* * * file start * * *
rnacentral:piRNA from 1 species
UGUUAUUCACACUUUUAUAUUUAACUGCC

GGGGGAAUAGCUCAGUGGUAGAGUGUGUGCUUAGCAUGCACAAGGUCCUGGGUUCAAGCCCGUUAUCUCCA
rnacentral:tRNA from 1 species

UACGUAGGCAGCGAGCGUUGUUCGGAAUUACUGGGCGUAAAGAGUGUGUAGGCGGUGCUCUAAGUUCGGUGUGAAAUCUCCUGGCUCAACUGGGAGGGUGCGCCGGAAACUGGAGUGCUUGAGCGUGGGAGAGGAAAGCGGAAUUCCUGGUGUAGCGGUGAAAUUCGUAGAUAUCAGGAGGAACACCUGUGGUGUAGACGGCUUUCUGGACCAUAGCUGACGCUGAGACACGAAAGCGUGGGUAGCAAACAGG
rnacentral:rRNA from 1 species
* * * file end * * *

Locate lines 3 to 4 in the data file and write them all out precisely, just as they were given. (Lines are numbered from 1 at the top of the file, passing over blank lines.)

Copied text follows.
GGGGGAAUAGCUCAGUGGUAGAGUGUGUGCUUAGCAUGCACAAGGUCCUGGGUUCAAGCCCGUUAUCUCCA
rnacentral:tRNA from 1 species